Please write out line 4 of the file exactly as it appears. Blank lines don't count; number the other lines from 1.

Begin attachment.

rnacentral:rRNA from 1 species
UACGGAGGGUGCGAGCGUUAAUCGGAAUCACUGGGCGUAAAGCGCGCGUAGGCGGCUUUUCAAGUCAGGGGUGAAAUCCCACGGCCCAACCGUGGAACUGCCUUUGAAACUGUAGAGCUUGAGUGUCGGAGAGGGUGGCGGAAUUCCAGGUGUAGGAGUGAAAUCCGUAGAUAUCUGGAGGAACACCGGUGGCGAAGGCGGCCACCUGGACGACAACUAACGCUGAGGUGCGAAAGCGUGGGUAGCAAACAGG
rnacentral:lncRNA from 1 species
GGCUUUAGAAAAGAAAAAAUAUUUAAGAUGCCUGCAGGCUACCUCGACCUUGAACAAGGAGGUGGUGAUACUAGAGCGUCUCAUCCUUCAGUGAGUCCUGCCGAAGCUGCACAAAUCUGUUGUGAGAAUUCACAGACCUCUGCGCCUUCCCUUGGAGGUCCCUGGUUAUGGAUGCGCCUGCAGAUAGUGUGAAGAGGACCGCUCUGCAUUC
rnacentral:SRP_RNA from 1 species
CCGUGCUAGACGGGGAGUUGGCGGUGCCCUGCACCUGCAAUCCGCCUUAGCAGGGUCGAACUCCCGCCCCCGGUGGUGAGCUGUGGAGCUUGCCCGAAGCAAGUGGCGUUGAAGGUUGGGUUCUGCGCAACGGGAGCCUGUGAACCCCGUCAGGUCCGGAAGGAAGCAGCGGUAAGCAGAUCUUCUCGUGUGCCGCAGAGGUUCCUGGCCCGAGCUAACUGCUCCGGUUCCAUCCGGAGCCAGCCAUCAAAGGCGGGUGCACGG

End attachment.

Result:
GGCUUUAGAAAAGAAAAAAUAUUUAAGAUGCCUGCAGGCUACCUCGACCUUGAACAAGGAGGUGGUGAUACUAGAGCGUCUCAUCCUUCAGUGAGUCCUGCCGAAGCUGCACAAAUCUGUUGUGAGAAUUCACAGACCUCUGCGCCUUCCCUUGGAGGUCCCUGGUUAUGGAUGCGCCUGCAGAUAGUGUGAAGAGGACCGCUCUGCAUUC